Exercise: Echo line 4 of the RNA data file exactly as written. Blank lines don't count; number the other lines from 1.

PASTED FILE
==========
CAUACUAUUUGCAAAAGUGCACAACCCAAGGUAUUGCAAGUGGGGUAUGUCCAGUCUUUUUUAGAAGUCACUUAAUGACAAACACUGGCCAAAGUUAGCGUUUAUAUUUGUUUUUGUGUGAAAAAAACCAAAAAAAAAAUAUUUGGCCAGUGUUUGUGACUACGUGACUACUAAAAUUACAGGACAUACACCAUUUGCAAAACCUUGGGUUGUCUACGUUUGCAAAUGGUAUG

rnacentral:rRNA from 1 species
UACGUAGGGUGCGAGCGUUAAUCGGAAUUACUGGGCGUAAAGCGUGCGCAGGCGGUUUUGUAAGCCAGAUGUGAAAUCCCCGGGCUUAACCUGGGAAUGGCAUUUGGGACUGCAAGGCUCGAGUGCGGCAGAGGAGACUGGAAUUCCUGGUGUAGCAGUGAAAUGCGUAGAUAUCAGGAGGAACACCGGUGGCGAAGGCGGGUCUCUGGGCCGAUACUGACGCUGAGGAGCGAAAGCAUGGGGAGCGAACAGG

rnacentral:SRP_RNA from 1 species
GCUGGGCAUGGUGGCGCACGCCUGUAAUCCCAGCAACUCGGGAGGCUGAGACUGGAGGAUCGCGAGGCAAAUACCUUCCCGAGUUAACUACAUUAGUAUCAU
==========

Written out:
rnacentral:SRP_RNA from 1 species